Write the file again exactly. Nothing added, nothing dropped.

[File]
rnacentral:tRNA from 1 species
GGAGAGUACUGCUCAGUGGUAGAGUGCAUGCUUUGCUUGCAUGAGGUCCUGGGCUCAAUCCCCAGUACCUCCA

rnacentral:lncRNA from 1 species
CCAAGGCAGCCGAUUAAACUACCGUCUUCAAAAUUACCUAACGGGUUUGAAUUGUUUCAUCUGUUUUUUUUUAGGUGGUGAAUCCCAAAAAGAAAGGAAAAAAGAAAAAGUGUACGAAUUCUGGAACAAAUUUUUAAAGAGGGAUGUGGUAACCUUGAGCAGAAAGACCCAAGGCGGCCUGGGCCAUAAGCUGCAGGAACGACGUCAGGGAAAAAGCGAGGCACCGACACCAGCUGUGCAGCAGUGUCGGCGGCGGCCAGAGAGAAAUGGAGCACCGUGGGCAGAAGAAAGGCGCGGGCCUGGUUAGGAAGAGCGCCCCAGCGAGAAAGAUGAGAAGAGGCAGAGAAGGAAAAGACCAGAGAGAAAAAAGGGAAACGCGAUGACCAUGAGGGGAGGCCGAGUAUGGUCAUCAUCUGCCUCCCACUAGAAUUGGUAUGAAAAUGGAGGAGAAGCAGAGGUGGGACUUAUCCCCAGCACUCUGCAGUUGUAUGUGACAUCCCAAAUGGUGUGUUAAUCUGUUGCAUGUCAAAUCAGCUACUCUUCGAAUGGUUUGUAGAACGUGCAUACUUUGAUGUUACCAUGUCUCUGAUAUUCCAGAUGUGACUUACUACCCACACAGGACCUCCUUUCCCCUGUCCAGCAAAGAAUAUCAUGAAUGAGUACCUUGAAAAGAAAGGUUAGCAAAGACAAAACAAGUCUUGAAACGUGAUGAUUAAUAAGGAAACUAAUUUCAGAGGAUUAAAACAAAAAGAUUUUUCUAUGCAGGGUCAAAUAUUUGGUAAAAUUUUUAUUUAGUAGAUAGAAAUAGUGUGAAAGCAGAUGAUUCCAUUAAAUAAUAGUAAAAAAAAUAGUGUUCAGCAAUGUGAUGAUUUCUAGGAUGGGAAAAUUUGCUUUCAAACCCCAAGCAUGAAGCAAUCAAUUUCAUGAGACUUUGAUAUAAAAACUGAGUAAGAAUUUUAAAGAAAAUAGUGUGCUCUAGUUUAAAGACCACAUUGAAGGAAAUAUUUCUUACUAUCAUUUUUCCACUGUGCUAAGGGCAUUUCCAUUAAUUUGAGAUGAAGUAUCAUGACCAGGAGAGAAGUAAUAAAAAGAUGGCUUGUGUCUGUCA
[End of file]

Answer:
rnacentral:tRNA from 1 species
GGAGAGUACUGCUCAGUGGUAGAGUGCAUGCUUUGCUUGCAUGAGGUCCUGGGCUCAAUCCCCAGUACCUCCA

rnacentral:lncRNA from 1 species
CCAAGGCAGCCGAUUAAACUACCGUCUUCAAAAUUACCUAACGGGUUUGAAUUGUUUCAUCUGUUUUUUUUUAGGUGGUGAAUCCCAAAAAGAAAGGAAAAAAGAAAAAGUGUACGAAUUCUGGAACAAAUUUUUAAAGAGGGAUGUGGUAACCUUGAGCAGAAAGACCCAAGGCGGCCUGGGCCAUAAGCUGCAGGAACGACGUCAGGGAAAAAGCGAGGCACCGACACCAGCUGUGCAGCAGUGUCGGCGGCGGCCAGAGAGAAAUGGAGCACCGUGGGCAGAAGAAAGGCGCGGGCCUGGUUAGGAAGAGCGCCCCAGCGAGAAAGAUGAGAAGAGGCAGAGAAGGAAAAGACCAGAGAGAAAAAAGGGAAACGCGAUGACCAUGAGGGGAGGCCGAGUAUGGUCAUCAUCUGCCUCCCACUAGAAUUGGUAUGAAAAUGGAGGAGAAGCAGAGGUGGGACUUAUCCCCAGCACUCUGCAGUUGUAUGUGACAUCCCAAAUGGUGUGUUAAUCUGUUGCAUGUCAAAUCAGCUACUCUUCGAAUGGUUUGUAGAACGUGCAUACUUUGAUGUUACCAUGUCUCUGAUAUUCCAGAUGUGACUUACUACCCACACAGGACCUCCUUUCCCCUGUCCAGCAAAGAAUAUCAUGAAUGAGUACCUUGAAAAGAAAGGUUAGCAAAGACAAAACAAGUCUUGAAACGUGAUGAUUAAUAAGGAAACUAAUUUCAGAGGAUUAAAACAAAAAGAUUUUUCUAUGCAGGGUCAAAUAUUUGGUAAAAUUUUUAUUUAGUAGAUAGAAAUAGUGUGAAAGCAGAUGAUUCCAUUAAAUAAUAGUAAAAAAAAUAGUGUUCAGCAAUGUGAUGAUUUCUAGGAUGGGAAAAUUUGCUUUCAAACCCCAAGCAUGAAGCAAUCAAUUUCAUGAGACUUUGAUAUAAAAACUGAGUAAGAAUUUUAAAGAAAAUAGUGUGCUCUAGUUUAAAGACCACAUUGAAGGAAAUAUUUCUUACUAUCAUUUUUCCACUGUGCUAAGGGCAUUUCCAUUAAUUUGAGAUGAAGUAUCAUGACCAGGAGAGAAGUAAUAAAAAGAUGGCUUGUGUCUGUCA